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As a CKD patient with VUR what further treatment should be taken as my creatinine level has increased and has frequent abdominal pains ?

Hello, I am a CKD patient with VUR. My creatinine level are on an increase from 2.6 to 3.40 in last few months. My BP is 130/90. fasting sugar is 114. Slight inflammation in legs. On and off Abdominal pain exists. Is the jump of Cret to 3.4 from 2.6 in 4 months a serious point of concern? if so, what should be the next step. Please advice
Asked On : Thu, 29 Mar 2012
Answers:  3 Views:  92
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General & Family Physician 's  Response

The values of creatinine is not a definite criteria to draw a line between serious or non serious clinical picture.

Any person with this numbers needs frequent follow up and monitoring.

Answered: Thu, 29 Mar 2012
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Nephrologist Dr. Sunny's  Response
Chronic kidney disease is identified by a blood test for creatinine. Higher levels of creatinine indicate a lower glomerular filtration rate and as a result a decreased capability of the kidneys to excrete waste products. Creatinine levels may be normal in the early stages of CKD, and the condition is discovered if urinalysis (testing of a urine sample) shows that the kidney is allowing the loss of protein or red blood cells into the urine. To fully investigate the underlying cause of kidney damage, various forms of medical imaging, blood tests and often renal biopsy (removing a small sample of kidney tissue) are employed to find out if there is a reversible cause for the kidney malfunction. Recent professional guidelines classify the severity of chronic kidney disease in five stages, with stage 1 being the mildest and usually causing few symptoms and stage 5 being a severe illness with poor life expectancy if untreated. Stage 5 CKD is also called established chronic kidney diseaseand is synonymous with the now outdated terms end-stage renal disease (ESRD), chronic kidney failure (CKF) or chronic renal failure (CRF).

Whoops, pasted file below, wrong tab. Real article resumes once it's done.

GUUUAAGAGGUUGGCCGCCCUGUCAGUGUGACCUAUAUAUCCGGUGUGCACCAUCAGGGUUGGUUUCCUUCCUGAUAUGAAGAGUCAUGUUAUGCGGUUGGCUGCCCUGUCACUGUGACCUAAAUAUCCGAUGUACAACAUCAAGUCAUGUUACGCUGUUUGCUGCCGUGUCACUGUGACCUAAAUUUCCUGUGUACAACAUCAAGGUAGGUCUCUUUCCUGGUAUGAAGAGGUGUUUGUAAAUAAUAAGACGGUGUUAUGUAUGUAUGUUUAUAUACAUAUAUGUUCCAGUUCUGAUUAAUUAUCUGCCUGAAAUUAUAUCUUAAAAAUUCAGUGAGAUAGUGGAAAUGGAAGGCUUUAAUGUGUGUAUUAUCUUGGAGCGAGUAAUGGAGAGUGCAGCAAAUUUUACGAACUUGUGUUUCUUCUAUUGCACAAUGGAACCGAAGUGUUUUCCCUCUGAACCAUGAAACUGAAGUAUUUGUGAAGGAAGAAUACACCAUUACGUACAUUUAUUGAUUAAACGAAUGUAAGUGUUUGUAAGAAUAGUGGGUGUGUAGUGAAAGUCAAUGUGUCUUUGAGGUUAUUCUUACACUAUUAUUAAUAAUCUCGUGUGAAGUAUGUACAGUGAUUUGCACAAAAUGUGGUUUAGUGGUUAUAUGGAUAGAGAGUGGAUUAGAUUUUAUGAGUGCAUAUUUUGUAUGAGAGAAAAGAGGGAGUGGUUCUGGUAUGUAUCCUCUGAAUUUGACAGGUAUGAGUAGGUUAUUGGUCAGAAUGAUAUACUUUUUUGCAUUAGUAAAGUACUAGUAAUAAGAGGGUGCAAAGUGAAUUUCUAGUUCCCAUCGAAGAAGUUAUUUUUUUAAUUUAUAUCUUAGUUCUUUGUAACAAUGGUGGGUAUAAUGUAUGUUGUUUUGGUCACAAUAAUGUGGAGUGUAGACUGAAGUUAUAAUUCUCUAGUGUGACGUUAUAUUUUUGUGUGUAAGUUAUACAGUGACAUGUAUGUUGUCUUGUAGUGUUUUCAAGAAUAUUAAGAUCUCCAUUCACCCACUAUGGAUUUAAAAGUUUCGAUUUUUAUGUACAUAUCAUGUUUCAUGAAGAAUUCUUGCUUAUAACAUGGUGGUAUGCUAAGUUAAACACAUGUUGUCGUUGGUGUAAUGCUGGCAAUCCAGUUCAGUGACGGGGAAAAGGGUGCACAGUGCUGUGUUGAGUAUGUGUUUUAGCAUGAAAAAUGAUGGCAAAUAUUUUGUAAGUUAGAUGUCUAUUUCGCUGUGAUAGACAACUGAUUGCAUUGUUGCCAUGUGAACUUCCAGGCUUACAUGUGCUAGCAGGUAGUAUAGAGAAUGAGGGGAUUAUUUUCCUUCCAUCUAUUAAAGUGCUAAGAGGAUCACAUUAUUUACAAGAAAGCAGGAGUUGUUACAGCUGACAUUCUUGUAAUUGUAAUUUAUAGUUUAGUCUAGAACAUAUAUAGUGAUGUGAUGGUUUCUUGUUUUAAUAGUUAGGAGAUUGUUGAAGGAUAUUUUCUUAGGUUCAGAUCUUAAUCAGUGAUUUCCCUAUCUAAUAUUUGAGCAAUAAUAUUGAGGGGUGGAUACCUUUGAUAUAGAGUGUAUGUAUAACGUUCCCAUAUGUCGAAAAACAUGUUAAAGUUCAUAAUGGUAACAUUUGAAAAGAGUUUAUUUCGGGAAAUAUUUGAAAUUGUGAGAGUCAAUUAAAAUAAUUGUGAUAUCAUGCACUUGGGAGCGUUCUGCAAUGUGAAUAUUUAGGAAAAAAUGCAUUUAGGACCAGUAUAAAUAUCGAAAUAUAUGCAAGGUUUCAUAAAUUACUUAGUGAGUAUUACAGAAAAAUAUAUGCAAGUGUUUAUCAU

Answered: Sat, 28 Apr 2012
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Nephrologist Dr. Yeswanth's  Response
the usual causes for worsening of renal functions in this setting are:
1) poor control of blood pressure: ur pressures seem ok
2) ongoing infection: no history suggestive
3) intake of pain killers particularly nsaids : have u taken since u give history of abdominal pain
Answered: Sun, 15 Apr 2012
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